Tennessee Republican State Rep. Micah Van Huss, who once wrote a bill to take $100,000 a year from the University of Tennessee’s Office for Diversity and Inclusion in order to buy “In God We Trust” stickers, hasn’t gotten any more sensible over the past year.
It’s an amendment that makes no sense at all. As if countries without a Christian majority (hi, Sweden!) have no freedom, when the reality is that they arguably have way more than we do. Our liberties don’t come from the Bible any more than our laws come from the Ten Commandments. (The Declaration of Independence, which references the “Creator” giving us our rights, is not the Constitution.)
If our liberties came from God, then it’s a damn good thing abolitionists fought against slavery and Suffragettes fought for voting rights, since God chose not to grant them those liberties. And considering that God’s so-called liberties can be amended or repealed, there’s far more power in being a politician.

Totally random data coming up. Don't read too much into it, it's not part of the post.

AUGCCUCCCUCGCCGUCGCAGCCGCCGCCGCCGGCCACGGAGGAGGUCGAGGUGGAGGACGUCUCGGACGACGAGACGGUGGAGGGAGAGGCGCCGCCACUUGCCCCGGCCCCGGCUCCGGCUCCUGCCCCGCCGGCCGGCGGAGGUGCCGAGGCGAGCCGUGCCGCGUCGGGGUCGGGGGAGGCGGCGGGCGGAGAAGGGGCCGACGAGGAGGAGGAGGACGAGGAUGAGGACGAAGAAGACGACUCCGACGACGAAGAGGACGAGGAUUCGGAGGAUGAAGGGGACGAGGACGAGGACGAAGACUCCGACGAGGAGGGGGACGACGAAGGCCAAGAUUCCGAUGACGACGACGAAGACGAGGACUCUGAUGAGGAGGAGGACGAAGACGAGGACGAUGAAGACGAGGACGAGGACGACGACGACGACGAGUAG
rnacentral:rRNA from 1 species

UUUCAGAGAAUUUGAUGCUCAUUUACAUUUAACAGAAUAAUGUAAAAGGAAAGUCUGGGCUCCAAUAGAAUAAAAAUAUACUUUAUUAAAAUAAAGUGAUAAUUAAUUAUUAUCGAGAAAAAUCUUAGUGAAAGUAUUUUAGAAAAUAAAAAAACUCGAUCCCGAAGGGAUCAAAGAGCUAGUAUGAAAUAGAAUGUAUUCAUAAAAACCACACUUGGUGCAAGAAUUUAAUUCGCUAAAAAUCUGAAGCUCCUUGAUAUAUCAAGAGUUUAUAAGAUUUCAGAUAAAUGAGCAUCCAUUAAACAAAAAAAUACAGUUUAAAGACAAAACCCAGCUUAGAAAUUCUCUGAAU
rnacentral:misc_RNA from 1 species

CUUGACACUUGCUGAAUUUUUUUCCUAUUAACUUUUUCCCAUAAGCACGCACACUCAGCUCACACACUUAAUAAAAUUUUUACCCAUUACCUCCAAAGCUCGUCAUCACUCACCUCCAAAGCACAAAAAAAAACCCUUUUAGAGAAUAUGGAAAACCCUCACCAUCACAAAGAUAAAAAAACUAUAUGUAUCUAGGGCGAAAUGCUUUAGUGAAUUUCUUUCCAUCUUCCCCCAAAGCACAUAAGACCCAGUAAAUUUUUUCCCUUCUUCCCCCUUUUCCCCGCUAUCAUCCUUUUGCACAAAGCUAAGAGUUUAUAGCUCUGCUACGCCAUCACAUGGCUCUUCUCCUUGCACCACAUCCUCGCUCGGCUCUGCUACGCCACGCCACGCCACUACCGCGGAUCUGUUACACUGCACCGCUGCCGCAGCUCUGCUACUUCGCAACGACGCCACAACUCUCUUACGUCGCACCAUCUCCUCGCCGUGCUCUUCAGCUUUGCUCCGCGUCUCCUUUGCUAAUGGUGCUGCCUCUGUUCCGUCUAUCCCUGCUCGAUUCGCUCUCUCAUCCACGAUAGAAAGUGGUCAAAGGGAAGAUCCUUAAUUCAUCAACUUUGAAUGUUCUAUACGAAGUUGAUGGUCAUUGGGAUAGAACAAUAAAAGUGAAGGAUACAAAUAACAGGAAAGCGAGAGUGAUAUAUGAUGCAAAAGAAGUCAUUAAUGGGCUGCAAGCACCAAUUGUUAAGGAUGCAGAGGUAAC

Van Huss’ proposed amendment was so poorly thought out that it didn’t get enough votes to advance through the Civil Justice Subcommittee, but the panel offered to reconsider it.
There’s a long road ahead for the amendment, too:
Amending the Tennessee constitution is a lengthy process. Proposed changes must pass by a majority during one two-year General Assembly, and then pass by at last two-thirds in the next, and then be approved by voters in a gubernatorial election year.
That sounds like a lot of obstacles… until you remember we’re talking about a Tennessee legislature that is dominated by Republicans. Don’t count on them to do the right thing and think about anyone other than themselves.
(via Joe. My. God.)